Politics & Government

N. Carolina takes aim at racial bias in death penalty cases

Gov. Bev Perdue on Tuesday signed a bill that will allow murder suspects and death-row inmates to try to prove racial bias was behind prosecutors' decision to seek the death penalty or jurors' decision to impose it.

North Carolina is the second state in the nation with a law designed to stop black defendants from being punished more severely than whites. Kentucky is the other state.

“I have always been a supporter of the death penalty, but I have always believed it must be carried out fairly,” Perdue said. “The Racial Justice Act ensures that when North Carolina hands down our state's harshest punishment to our most heinous criminals – the decision is based on the facts and the law, not racial prejudice.”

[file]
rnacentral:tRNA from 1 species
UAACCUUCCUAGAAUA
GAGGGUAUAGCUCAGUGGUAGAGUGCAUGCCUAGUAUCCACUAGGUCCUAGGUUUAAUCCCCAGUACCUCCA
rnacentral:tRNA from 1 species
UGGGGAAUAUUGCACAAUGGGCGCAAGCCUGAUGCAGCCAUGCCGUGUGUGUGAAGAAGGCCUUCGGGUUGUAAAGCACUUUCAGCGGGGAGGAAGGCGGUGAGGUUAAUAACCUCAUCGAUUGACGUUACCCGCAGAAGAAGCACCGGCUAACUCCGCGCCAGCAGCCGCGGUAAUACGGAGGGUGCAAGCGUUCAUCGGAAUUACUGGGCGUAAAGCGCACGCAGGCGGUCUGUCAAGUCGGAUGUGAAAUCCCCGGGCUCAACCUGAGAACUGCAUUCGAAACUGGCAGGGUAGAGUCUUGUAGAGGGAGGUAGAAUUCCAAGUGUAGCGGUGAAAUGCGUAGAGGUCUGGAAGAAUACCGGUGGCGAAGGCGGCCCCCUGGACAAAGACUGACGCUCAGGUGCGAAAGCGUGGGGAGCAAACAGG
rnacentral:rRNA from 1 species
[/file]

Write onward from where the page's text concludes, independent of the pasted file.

The governor said the Racial Justice Act aims to ensure that prosecutors and jurors are colorblind. It allows defendants to present statistical evidence that suggests racial bias may have played a role in their cases.

“While our criminal justice system will continue to have the death penalty, racial disparities have no place whatsoever in North Carolina's criminal justice system,” Perdue said.

Death penalty critics have long argued that black suspects, particularly those who are poor, are more likely to get the death penalty than white suspects – especially when the person they kill is white.

Recent cases of prosecutorial misconduct in North Carolina involving black defendants helped fuel demands for reform. At least two black death row inmates have been exonerated after misconduct came to light.

Read the full story at CharlotteObserver.com.